Thursday, February 28, 2008

A startling discovery, in which I discover the origin of the phrase "Mission Accomplished."

With all the modesty I can muster, I have to admit that this is a startling bit of investigative research on my part, and so, in a Drudge-esque moment of self-reflection and humility, I will now trumpet my discovery on my blog.

Whilst tripping through the internet I have accidentally stumbled upon the Washingtonian origin of the phrase "Mission Accomplished," a term that was until now forever linked to our half-wit President and his exotic day of make believe dress up on board the USS Abraham Lincoln. Here's a reminder, for those of you who possess the mental skill to have blocked that horrible memory from your mind forever:

However, as much prominence as that specific usage of the term has received, I found a previous, more shameful (yet, predictably, still very much related to Republican shenanigans) example of it. Check it out!

Recognize that? If the names don't give it away, the pretentious language, schoolmarmish panic over sex, and the obsessive detail paid to the bodily fluids of leading members of our government might. That's right! It was in the Starr Report! So, just as Barack Obama plagiarizes Devan Patrick every time he says 'Yes We Can," we can now state with confidence that George Bush was plagiarizing the Starr Report that fateful day aboard the USS Abraham Lincoln when he stood beneath the Mission Accomplished banner. Incredible!

Let's play 5 Degrees of Tim Russert

In the Democratic debate the other night, Tim Russert embarrassed himself, the state of Massachusetts, journalists, and fat people with oversized heads everywhere by posing a convulted question to Barack Obama that went something like this: a guy who knows a guy you know said something bad and now you need to denounce not only the statement but the man himself, or else we (that is, I, Tim Russert) will judge you unfit for the presidency.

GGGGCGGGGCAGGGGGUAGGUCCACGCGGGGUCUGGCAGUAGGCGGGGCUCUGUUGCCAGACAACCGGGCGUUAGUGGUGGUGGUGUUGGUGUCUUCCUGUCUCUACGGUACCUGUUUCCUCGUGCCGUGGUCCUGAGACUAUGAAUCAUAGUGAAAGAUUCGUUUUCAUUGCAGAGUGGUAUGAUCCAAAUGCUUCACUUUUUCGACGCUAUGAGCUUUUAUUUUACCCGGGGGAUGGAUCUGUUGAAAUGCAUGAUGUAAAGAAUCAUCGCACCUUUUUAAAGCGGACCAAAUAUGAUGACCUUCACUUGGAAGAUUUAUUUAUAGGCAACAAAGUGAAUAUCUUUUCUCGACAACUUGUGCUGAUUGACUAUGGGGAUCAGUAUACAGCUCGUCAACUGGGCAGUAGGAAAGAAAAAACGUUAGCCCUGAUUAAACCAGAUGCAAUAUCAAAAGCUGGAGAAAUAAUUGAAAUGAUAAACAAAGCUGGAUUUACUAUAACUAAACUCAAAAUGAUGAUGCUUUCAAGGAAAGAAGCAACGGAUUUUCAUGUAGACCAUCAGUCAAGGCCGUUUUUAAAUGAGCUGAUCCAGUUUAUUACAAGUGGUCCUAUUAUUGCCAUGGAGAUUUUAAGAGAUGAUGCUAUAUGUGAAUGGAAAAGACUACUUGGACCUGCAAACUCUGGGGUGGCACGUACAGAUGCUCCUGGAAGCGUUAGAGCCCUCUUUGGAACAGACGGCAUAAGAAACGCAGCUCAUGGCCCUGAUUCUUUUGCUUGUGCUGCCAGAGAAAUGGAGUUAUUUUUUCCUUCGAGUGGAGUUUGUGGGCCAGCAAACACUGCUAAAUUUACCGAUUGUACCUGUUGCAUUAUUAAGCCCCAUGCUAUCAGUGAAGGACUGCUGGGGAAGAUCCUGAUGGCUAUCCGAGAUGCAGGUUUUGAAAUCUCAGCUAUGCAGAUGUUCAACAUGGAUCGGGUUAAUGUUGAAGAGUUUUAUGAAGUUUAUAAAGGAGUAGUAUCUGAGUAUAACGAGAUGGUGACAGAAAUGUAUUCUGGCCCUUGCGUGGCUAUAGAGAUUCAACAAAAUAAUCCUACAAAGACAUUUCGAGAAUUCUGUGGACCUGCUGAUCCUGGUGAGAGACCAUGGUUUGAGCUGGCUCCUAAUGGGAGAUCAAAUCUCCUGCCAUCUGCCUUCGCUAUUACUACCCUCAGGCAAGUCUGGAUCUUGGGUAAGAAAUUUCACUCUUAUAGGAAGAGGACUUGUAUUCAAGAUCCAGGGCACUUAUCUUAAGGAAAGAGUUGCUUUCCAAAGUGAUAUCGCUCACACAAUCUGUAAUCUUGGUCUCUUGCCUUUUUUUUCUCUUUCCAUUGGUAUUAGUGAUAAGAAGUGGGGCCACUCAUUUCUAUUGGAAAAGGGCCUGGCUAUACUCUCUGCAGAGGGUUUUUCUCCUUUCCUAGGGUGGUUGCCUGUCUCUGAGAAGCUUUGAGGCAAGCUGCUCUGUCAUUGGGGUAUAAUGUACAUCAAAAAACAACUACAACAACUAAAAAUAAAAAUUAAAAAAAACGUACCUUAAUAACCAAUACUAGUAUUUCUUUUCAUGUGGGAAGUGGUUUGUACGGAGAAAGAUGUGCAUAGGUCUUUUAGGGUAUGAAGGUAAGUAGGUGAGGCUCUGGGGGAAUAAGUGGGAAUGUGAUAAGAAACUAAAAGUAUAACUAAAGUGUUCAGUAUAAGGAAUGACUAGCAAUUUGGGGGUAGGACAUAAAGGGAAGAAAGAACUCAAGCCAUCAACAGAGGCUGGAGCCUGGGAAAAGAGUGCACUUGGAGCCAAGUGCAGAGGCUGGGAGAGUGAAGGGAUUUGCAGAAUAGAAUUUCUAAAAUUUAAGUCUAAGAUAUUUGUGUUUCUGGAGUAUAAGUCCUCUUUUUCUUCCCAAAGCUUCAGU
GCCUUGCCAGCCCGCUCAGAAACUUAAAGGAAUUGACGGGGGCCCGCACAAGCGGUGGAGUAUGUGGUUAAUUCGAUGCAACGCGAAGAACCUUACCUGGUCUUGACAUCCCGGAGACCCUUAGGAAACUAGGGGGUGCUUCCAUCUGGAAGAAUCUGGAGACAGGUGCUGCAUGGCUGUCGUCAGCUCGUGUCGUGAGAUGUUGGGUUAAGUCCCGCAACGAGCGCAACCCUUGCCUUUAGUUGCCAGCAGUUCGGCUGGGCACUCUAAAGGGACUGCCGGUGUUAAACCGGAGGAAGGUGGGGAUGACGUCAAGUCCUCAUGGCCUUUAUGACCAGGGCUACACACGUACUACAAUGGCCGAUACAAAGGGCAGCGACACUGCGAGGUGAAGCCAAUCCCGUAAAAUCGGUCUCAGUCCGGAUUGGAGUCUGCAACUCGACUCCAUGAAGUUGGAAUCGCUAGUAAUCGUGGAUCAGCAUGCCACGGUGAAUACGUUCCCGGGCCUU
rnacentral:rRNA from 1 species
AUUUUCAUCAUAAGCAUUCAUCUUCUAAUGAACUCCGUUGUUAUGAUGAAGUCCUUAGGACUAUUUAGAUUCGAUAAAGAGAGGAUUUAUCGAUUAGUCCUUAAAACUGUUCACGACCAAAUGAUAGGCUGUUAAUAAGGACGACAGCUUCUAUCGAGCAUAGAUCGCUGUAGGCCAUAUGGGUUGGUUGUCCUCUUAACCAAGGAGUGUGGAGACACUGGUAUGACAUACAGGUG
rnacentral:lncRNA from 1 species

Given that this is the new standard of journalism, I've decided to invent a new game, "5 Degrees of Tim Russert," in which you establish a link between a prominent politician and someone who either said or did something reprehensible, and then demand that the politician denounce that person. It goes something like this (count the degrees of separation in this argument):

Mitt Romney's (1) favorite book is "Battlefield Earth." (It is, he said so in an interview.) This book was written by L. Ron Hubbard (2), who started Scientology. Scientology is a religion particularly favored by Tom Cruise (3). Tom Cruise is an actor who was in the movie "Top Gun," which co-starred Val Kilmer (4). Val Kilmer is a "Promise Keeper," which is a men's movement started by former Colorado University head football coach Bill McCartney (5). Bill McCartney cheated on his wife. Given that Mitt Romney endorsed by John McCain, can we therefore conclude that John McCain wants everyone to cheat on their wives? WHEN WILL JOHN MCCAIN DENOUNCE BILL MCCARTNEY AND THE UNIVERSITY OF COLORADO FOOTBALL TEAM?

It's fun--try it yourself!

George W. Bush: just as proudly out-of-touch as his idiot dad

Years ago, in the halcyon days of the FIRST Bush presidency, we were blessed with the now-iconic image of Poppy being completely surprised by the remarkable technology of a supermarket scanner. Just as it is hilarious to laugh at your mom when she discovers this hot new music all the kids are listening to, "rap," or expresses her fear that the kids these days may be "taking the pot," it was pretty funny to discover that our president had no idea about an ordinary item that we proles use on a daily basis.